ADB projects 6.2% growth for Nepal this year
The Asian Development Bank (ADB) has projected the economic growth rate of Nepal to remain at 4.5 percent against the government’s forecast of 5.5 percent for the current Fiscal Year 2013/14 that ends on July 16.
Taking into account the favorable monsoon, more rapid growth of remittance inﬂows, the timely introduction of a full budget and assuming a political stability would help Nepal achieve the 4.5 percent economic growth rate, which is less than the government’s target, said ADB while unveiling the Asian Development Outlook 2014 on Tuesday in Kathmandu.
Normal monsoon rains and adequate supplies of chemical fertilisers have allowed full paddy planting in most of the country this year, it said.
“The budget with a sharp 41.1 percent boost planned for expenditure and underpinned by positive political developments and clearer government direction has strengthened business and investor confidence and so the prospects for a boost in industrial activities and exports,” it added.
“Higher remittance-backed consumer demand and an uptick in tourism will support services growth at around 5 percent. More than half of growth will come from services and the balance largely from agriculture.” the ADB report further said.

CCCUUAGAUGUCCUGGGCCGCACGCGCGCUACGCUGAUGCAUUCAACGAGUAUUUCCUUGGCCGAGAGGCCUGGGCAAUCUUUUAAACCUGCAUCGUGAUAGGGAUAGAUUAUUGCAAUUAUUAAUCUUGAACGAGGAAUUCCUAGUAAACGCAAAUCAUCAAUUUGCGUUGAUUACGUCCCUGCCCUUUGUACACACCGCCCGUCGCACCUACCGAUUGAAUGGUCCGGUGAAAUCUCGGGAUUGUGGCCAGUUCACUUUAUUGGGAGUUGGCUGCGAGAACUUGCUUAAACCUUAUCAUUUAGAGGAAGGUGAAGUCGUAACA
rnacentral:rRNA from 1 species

It further said that the economic outlook is more optimistic than in fiscal year 2013, considering the successful second Constituent Assembly election in November 2013 (following an 18-month hiatus from the end of the ﬁrst assembly).
The Constituent Assembly is expected to pass legislation that will promote investment in key sectors and mandate structural reforms. However, there is a downside risk of political instability arising from continued disagreement among the major political parties over unsettled constitutional and governance issues, especially those of federalism and the nature of parliament and the executive.
The economic growth, however, is expected to rise slightly to remain at 4.7 percent in the Fiscal Year 2014/2015, assuming a normal monsoon, a timely budget, continued strong remittance inﬂows, a revival in real estate and housing, and the better growth outlook in neighboring India.